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About the Author
katherena vermette (she/her/hers) is a Red River Métis (Michif) writer from Treaty 1 territory, the heart of the Métis Nation, Winnipeg, Manitoba.
In 2013, her first book, North End Love Songs (The Muses' Company) won the Governor General's Literary Award for Poetry. Since then, her work has garnered awards and critical accolades across genres. Her novels The Break (House of Anansi) and The Strangers (Hamish Hamilton) were both national best sellers and won multiple literary awards.
She is the author of numerous other bestselling titles, including the A Girl Called Echo series (HighWater Press) and the Seven Teachings Stories series (HighWater Press).
Scott B. Henderson (he/him/his) is author/artist of the sci-fi/fantasy comic The Chronicles of Era and has illustrated select titles in the Tales From Big Spirit series, as well as the A Girl Called Echo, The Reckoner Rises, and 7 Generations series. He is also the artist for AIYLA Honour Book Fire Starters, Eisner Award-nominee A Blanket of Butterflies, and select stories in This Place: 150 Years Retold. In 2016, he was the recipient of the C4 Central Canada Comic Con Storyteller Award. Find Scott on social media with @ouroboros09.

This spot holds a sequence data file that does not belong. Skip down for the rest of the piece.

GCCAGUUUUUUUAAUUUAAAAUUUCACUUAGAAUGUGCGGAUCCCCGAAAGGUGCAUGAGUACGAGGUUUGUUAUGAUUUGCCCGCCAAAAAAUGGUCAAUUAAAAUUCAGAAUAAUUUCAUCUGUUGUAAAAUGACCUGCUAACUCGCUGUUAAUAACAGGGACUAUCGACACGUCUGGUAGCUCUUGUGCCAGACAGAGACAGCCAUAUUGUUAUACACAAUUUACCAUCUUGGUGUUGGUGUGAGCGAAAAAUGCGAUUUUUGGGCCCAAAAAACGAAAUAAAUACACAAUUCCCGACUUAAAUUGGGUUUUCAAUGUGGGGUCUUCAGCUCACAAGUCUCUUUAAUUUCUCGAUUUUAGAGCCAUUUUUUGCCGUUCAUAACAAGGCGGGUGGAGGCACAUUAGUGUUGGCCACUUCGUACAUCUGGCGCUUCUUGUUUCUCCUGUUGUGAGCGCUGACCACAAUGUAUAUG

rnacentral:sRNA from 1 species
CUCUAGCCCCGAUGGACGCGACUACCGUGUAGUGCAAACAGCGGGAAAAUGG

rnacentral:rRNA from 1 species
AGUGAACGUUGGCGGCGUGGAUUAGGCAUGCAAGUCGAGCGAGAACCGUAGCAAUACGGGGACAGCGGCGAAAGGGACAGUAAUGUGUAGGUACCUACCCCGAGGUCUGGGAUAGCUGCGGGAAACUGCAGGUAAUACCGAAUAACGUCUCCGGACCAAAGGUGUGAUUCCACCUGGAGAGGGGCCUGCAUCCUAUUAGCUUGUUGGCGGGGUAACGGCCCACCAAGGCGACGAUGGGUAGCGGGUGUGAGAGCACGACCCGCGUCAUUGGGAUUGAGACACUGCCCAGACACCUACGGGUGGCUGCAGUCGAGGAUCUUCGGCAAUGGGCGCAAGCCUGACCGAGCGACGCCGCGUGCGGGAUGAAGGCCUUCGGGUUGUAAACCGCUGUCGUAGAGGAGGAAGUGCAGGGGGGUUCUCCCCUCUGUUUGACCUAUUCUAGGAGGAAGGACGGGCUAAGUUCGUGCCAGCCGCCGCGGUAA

Vermette expertly juxtaposes the isolation of an aboriginal teen in the current day with the emphasis on working together in traditional Métis communities. Henderson's artwork and Yaciuk's colours help to emphasize the differences between the past and present, as gorgeous prairie panoramas in vibrant hues contrast with crowded, dingy hallways and buses. [...] This reviewer is eagerly awaiting the second volume of the series.--Roseanne Gauthier "National Reading Campaign"
Strong use of comics technique, a unique examination of a fascinating time of history, and the thoughtful narration by an aboriginal teen make this a must-read and a strong classroom or library choice.--Meghann Meeusen "VOYA Magazine"
...feelings of alienation, of loneliness, of not belonging, either at home or at school, are experienced by both genders and those teens - male or female - who eat their lunch alone and wander the halls without friends will understand Echo's plight. Recommended.--Joanne Peters "CM Magazine"
Recognition is due Katherena Vermette's collaborators on Echo - illustrator Scott B. Henderson and color artist Donovan Yaciuk. Because Echo speaks so seldom, it's on the illustrations to convey key details about her life. And they do so with subtlety and grace!
--Jean Mendoza "American Indians in Children's Literature"
In this YA graphic novel, an alienated Métis girl learns about her people's Canadian history. [...] A sparse, beautifully drawn story about a teen discovering her heritage.-- "Kirkus Reviews"